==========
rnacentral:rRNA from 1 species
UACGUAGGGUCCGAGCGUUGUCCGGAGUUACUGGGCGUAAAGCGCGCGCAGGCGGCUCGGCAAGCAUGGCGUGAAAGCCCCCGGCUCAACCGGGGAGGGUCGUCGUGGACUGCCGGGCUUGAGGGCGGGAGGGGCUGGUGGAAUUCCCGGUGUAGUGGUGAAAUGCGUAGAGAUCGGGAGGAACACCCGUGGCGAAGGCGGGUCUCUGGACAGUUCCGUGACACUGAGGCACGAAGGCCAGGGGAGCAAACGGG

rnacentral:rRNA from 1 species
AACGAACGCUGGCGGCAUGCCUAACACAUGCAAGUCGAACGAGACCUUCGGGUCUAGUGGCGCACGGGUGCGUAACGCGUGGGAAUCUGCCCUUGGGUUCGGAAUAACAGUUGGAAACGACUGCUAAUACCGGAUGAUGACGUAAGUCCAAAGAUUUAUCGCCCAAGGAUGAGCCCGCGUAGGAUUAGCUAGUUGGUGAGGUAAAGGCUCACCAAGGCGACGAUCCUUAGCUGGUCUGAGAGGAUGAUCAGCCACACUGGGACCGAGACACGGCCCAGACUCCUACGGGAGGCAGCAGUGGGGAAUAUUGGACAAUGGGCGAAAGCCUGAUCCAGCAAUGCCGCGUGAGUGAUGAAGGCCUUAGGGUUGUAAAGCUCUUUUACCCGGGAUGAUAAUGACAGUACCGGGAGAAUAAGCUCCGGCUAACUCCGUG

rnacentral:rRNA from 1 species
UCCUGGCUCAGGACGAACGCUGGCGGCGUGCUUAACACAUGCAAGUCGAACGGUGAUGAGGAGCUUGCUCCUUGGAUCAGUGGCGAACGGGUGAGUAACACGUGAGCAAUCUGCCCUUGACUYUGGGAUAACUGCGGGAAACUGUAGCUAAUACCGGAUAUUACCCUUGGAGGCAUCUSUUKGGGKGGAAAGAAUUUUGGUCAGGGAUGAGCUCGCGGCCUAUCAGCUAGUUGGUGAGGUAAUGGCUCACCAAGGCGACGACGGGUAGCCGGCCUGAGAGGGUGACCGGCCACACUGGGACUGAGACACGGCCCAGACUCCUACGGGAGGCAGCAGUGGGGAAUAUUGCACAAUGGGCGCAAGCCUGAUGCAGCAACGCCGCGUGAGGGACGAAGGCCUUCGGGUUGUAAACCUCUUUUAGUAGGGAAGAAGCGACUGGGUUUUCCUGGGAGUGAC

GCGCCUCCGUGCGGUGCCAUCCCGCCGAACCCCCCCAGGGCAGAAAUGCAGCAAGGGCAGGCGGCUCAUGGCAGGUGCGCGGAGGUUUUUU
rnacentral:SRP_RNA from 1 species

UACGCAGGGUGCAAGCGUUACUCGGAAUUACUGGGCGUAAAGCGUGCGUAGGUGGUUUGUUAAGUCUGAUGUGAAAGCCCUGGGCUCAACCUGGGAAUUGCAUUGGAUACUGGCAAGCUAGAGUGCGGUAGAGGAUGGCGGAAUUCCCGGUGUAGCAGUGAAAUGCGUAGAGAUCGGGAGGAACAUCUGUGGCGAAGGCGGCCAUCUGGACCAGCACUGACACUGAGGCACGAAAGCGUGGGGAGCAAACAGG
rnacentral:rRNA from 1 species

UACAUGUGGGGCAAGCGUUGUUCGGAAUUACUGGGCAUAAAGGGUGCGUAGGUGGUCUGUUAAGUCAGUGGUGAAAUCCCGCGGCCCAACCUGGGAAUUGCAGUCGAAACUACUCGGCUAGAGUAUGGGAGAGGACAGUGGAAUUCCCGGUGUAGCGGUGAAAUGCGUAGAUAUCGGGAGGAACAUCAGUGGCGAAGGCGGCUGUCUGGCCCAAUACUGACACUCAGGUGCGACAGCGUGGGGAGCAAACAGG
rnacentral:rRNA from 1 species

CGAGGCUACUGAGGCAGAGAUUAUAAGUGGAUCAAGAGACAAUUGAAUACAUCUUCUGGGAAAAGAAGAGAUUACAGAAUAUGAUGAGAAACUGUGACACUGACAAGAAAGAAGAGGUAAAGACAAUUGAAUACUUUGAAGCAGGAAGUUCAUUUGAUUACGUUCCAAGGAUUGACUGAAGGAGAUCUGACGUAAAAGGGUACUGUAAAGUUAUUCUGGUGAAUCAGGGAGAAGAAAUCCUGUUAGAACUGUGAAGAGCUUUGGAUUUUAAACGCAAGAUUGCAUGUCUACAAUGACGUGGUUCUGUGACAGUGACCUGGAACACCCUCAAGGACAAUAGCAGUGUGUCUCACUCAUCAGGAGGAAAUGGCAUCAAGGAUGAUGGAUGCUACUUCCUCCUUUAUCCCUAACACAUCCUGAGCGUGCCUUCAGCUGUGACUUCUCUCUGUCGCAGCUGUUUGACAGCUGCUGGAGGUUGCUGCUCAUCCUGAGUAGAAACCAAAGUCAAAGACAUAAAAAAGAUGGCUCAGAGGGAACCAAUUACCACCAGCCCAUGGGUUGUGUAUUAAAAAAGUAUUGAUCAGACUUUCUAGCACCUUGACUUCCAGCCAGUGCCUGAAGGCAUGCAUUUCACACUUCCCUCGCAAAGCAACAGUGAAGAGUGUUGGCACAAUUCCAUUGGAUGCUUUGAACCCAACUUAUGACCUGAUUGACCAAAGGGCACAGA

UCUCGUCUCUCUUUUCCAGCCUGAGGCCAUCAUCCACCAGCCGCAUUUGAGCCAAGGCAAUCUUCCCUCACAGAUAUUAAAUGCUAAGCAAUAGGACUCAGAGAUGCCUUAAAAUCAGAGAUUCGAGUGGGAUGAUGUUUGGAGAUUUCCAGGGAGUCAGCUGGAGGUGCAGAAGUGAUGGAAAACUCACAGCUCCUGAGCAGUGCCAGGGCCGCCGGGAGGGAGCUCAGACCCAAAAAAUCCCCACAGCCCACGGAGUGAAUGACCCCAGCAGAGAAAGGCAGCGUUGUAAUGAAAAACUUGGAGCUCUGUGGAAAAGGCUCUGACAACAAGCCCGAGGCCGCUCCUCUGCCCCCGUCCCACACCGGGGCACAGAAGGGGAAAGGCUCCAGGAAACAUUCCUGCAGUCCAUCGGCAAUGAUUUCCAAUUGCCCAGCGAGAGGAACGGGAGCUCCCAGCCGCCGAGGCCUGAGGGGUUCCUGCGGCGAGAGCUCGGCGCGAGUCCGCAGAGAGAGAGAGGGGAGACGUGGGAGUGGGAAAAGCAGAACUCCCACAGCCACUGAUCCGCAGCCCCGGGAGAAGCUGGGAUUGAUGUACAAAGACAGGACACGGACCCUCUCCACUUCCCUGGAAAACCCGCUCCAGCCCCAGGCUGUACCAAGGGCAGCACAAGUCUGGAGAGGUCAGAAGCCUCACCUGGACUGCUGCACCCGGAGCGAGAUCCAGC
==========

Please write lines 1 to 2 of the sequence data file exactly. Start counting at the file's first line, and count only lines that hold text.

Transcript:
rnacentral:rRNA from 1 species
UACGUAGGGUCCGAGCGUUGUCCGGAGUUACUGGGCGUAAAGCGCGCGCAGGCGGCUCGGCAAGCAUGGCGUGAAAGCCCCCGGCUCAACCGGGGAGGGUCGUCGUGGACUGCCGGGCUUGAGGGCGGGAGGGGCUGGUGGAAUUCCCGGUGUAGUGGUGAAAUGCGUAGAGAUCGGGAGGAACACCCGUGGCGAAGGCGGGUCUCUGGACAGUUCCGUGACACUGAGGCACGAAGGCCAGGGGAGCAAACGGG